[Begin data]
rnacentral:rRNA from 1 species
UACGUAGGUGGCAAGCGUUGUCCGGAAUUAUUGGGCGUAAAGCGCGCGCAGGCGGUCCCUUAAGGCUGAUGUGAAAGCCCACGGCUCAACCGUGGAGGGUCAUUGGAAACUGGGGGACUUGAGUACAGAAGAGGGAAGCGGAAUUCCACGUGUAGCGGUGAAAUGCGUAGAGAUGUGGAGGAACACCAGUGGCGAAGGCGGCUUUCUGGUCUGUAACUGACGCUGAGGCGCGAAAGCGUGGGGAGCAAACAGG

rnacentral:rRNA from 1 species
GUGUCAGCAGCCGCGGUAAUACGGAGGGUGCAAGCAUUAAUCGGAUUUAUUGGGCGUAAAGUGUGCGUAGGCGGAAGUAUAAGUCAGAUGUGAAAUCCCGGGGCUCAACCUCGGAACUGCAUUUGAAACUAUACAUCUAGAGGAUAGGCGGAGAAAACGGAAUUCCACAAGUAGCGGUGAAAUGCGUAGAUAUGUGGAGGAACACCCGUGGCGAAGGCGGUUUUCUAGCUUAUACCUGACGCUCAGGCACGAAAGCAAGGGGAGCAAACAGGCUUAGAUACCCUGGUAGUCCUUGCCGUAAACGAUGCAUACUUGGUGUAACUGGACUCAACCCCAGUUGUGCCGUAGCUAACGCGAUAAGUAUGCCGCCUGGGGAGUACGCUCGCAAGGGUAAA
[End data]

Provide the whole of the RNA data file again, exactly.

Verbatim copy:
rnacentral:rRNA from 1 species
UACGUAGGUGGCAAGCGUUGUCCGGAAUUAUUGGGCGUAAAGCGCGCGCAGGCGGUCCCUUAAGGCUGAUGUGAAAGCCCACGGCUCAACCGUGGAGGGUCAUUGGAAACUGGGGGACUUGAGUACAGAAGAGGGAAGCGGAAUUCCACGUGUAGCGGUGAAAUGCGUAGAGAUGUGGAGGAACACCAGUGGCGAAGGCGGCUUUCUGGUCUGUAACUGACGCUGAGGCGCGAAAGCGUGGGGAGCAAACAGG

rnacentral:rRNA from 1 species
GUGUCAGCAGCCGCGGUAAUACGGAGGGUGCAAGCAUUAAUCGGAUUUAUUGGGCGUAAAGUGUGCGUAGGCGGAAGUAUAAGUCAGAUGUGAAAUCCCGGGGCUCAACCUCGGAACUGCAUUUGAAACUAUACAUCUAGAGGAUAGGCGGAGAAAACGGAAUUCCACAAGUAGCGGUGAAAUGCGUAGAUAUGUGGAGGAACACCCGUGGCGAAGGCGGUUUUCUAGCUUAUACCUGACGCUCAGGCACGAAAGCAAGGGGAGCAAACAGGCUUAGAUACCCUGGUAGUCCUUGCCGUAAACGAUGCAUACUUGGUGUAACUGGACUCAACCCCAGUUGUGCCGUAGCUAACGCGAUAAGUAUGCCGCCUGGGGAGUACGCUCGCAAGGGUAAA